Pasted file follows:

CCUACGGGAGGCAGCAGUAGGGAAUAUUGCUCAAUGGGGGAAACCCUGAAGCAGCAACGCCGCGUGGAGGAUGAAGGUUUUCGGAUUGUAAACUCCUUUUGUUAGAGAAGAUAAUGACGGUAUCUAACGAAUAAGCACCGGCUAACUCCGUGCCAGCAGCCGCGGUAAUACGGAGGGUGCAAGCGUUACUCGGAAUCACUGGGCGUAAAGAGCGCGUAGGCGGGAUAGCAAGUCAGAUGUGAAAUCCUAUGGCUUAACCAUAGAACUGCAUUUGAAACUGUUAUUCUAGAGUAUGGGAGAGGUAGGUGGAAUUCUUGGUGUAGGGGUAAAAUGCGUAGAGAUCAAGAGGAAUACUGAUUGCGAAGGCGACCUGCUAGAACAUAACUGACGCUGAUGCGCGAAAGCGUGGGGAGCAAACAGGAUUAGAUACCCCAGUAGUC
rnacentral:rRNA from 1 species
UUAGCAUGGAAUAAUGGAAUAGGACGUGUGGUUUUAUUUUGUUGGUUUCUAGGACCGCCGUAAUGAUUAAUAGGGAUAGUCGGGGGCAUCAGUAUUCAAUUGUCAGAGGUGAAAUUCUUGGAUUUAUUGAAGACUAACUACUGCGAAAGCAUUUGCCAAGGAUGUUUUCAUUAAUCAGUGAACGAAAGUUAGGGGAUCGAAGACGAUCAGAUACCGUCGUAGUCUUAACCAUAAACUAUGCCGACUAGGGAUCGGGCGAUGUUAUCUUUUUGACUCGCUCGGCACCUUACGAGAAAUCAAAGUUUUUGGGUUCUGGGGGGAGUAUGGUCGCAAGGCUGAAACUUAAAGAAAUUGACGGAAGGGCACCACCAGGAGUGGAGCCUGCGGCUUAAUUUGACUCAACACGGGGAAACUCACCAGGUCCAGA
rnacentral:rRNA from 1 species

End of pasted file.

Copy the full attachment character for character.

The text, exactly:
CCUACGGGAGGCAGCAGUAGGGAAUAUUGCUCAAUGGGGGAAACCCUGAAGCAGCAACGCCGCGUGGAGGAUGAAGGUUUUCGGAUUGUAAACUCCUUUUGUUAGAGAAGAUAAUGACGGUAUCUAACGAAUAAGCACCGGCUAACUCCGUGCCAGCAGCCGCGGUAAUACGGAGGGUGCAAGCGUUACUCGGAAUCACUGGGCGUAAAGAGCGCGUAGGCGGGAUAGCAAGUCAGAUGUGAAAUCCUAUGGCUUAACCAUAGAACUGCAUUUGAAACUGUUAUUCUAGAGUAUGGGAGAGGUAGGUGGAAUUCUUGGUGUAGGGGUAAAAUGCGUAGAGAUCAAGAGGAAUACUGAUUGCGAAGGCGACCUGCUAGAACAUAACUGACGCUGAUGCGCGAAAGCGUGGGGAGCAAACAGGAUUAGAUACCCCAGUAGUC
rnacentral:rRNA from 1 species
UUAGCAUGGAAUAAUGGAAUAGGACGUGUGGUUUUAUUUUGUUGGUUUCUAGGACCGCCGUAAUGAUUAAUAGGGAUAGUCGGGGGCAUCAGUAUUCAAUUGUCAGAGGUGAAAUUCUUGGAUUUAUUGAAGACUAACUACUGCGAAAGCAUUUGCCAAGGAUGUUUUCAUUAAUCAGUGAACGAAAGUUAGGGGAUCGAAGACGAUCAGAUACCGUCGUAGUCUUAACCAUAAACUAUGCCGACUAGGGAUCGGGCGAUGUUAUCUUUUUGACUCGCUCGGCACCUUACGAGAAAUCAAAGUUUUUGGGUUCUGGGGGGAGUAUGGUCGCAAGGCUGAAACUUAAAGAAAUUGACGGAAGGGCACCACCAGGAGUGGAGCCUGCGGCUUAAUUUGACUCAACACGGGGAAACUCACCAGGUCCAGA
rnacentral:rRNA from 1 species